The day this incident took place was a warm sunny summer afternoon in the 1970’s, with a beautiful yellow sun setting. As a 10-year-old child, I remember an incident where a single game of softball became part of who and what I am today. Being an only child, my parents were able to take time out of their lives to expose me to different activities and sports. My parents placed me in a softball league. The coach knew my parents and he lived in our same neighborhood as well. I grew up and still live in a small barrio in Phoenix where everyone knows one another and his or her families and relatives. My coach’s name was Alejandro. He had two daughters Anne and Julie, with whom I grew up with as well, and we are all of the same ethnic background. We are Chicanos.
The one particular softball game that made an impact on me occurred when our team the Angels, played against the Honey Bees. The coach for the Honey Bees was a black man by the name of Mr. Bugsby, whom I will never forget. The majority of the girls who played for the Honey Bee team were young competitive black girls. This was no ordinary seasonal game, it was a post-season game. The score was close throughout the entire game. We would make a couple runs and in turn, they would do the same as well. In a game like this, it was customary for parents to cheer on their girls, as any parent would of children of any race or ethnicity. Nevertheless, what I remember most was when Mr. Bugsby told his girls that we were only little spics that couldn’t play ball, and that they were better than we were. It was hurtful at our young age to hear this man not only label us as a team that couldn’t play ball, which we could, but to use a hurtful name to describe our ethnicity. A few parents, not mine, got thrown out of the ballpark, along with Mr. Bugsby, because of the racial slurs that they began throwing back and forth at us. It was a very competitive game, and we eventually won. The final score was 8-6.
As a result of what I observed from this incident during this game, I not only learned to be competitive, but to be competitive explicitly against other races. I don’t believe this event lead me to be prejudiced against other races, however I see the even led me to believe a person of color has more struggles to overcome. I feel I have to do well to stand up for my people and prove to others that being Chicano/Latino/Hispano is being just as good as anyone else if not better. I believe that if I can succeed anyone can, and given a little motivation anyone can accomplish all that they want. My motivation throughout my life has been to prove to people that I am not a “little Spic” and that I can accomplish anything that I want.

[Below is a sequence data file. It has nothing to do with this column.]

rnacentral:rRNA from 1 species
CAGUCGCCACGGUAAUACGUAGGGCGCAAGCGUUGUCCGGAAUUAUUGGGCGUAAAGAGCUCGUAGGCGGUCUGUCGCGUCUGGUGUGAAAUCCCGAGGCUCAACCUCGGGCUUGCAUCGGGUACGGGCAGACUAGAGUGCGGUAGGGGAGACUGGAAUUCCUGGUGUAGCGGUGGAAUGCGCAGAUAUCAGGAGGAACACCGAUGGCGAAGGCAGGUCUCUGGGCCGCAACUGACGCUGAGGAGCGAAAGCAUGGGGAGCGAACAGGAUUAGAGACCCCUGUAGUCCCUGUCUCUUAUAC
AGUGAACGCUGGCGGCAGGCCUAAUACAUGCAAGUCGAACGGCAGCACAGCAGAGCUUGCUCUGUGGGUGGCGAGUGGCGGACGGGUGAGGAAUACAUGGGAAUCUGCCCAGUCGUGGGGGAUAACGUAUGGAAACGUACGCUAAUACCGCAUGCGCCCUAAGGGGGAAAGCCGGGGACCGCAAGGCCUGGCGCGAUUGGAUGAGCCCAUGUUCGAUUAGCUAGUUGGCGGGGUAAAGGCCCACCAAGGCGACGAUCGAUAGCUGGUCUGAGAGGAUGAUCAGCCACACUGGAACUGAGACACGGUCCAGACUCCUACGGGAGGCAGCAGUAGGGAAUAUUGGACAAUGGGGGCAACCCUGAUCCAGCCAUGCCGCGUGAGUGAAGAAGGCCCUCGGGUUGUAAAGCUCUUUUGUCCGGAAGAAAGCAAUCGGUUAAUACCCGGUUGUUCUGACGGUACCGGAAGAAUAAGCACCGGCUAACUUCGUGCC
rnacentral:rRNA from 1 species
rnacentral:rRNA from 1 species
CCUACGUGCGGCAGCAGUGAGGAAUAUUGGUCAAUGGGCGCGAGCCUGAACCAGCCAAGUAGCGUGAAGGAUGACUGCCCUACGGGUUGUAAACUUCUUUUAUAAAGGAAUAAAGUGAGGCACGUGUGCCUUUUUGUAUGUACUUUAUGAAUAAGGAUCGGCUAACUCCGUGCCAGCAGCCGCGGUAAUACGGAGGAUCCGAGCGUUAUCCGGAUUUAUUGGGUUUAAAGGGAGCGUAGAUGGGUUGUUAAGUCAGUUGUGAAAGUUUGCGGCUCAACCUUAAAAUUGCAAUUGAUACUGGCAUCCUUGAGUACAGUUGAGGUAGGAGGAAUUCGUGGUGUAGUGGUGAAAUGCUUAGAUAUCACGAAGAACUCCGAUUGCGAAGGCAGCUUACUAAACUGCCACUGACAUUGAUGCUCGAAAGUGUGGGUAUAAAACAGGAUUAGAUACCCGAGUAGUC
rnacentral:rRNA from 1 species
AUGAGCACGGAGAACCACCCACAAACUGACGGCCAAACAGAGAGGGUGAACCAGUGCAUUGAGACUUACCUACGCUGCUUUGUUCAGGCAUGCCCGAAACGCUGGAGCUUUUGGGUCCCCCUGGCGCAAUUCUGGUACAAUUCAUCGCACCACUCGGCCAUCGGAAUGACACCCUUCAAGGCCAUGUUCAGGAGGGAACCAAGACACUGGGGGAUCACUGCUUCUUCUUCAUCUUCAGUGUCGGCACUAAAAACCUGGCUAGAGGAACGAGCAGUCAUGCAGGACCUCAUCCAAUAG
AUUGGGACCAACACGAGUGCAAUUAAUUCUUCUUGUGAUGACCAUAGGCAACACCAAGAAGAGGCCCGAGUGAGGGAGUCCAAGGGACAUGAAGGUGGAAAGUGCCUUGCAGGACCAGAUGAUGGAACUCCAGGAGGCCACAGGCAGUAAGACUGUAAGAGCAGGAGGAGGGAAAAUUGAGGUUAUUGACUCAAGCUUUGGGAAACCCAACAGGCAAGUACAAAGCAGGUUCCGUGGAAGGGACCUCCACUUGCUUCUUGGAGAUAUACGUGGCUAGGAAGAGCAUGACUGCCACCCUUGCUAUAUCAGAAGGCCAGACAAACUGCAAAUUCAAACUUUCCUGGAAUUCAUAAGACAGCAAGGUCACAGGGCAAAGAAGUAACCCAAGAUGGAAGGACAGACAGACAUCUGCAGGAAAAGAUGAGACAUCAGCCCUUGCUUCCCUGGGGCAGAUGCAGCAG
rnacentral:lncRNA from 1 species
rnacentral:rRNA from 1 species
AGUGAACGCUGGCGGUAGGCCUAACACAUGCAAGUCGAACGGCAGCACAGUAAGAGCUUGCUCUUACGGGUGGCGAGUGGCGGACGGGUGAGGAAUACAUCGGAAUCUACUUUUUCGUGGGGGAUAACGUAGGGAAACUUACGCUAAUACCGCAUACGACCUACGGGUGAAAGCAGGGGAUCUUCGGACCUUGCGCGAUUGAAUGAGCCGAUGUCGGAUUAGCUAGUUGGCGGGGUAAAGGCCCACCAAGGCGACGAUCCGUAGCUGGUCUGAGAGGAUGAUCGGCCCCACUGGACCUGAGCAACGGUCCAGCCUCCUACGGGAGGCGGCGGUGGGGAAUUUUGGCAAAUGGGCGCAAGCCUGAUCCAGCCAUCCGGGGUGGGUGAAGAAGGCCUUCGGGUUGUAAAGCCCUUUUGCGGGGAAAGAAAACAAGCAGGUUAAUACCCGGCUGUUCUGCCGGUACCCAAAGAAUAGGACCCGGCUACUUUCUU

As I think about this event I wonder what it may have looked like through the eyes of an innocent bystander. Consider the poor umpire what must he have of thought of the whole situation and the environment he was surrounded in? I imagine this is what he must have been thinking on that warm summer day.
It was a hot summer day, and I had a part-time job as an umpire for a girls’ recreational softball league. It is great being around children during the summer, I have opportunity to mentor and to watch them learn about competition. One thing about umpiring, it is amusing to see how much parents get involved, and how engrossed they get about the competition of the game.
I knew this game would be one of the summer’s rowdiest because it was going to be a tournament. These types of games are always the most difficult to umpire, not because the girls get rowdy, but because of the parents. The parents become very protective of their children and place them under a lot of pressure to do their best. I did not know what to expect at this game, but it was going to be held in the barrio, which everyone knew was home to the Hispanics and African-Americans. I wondered to myself "is this gringo going to be up for today’s challenge?"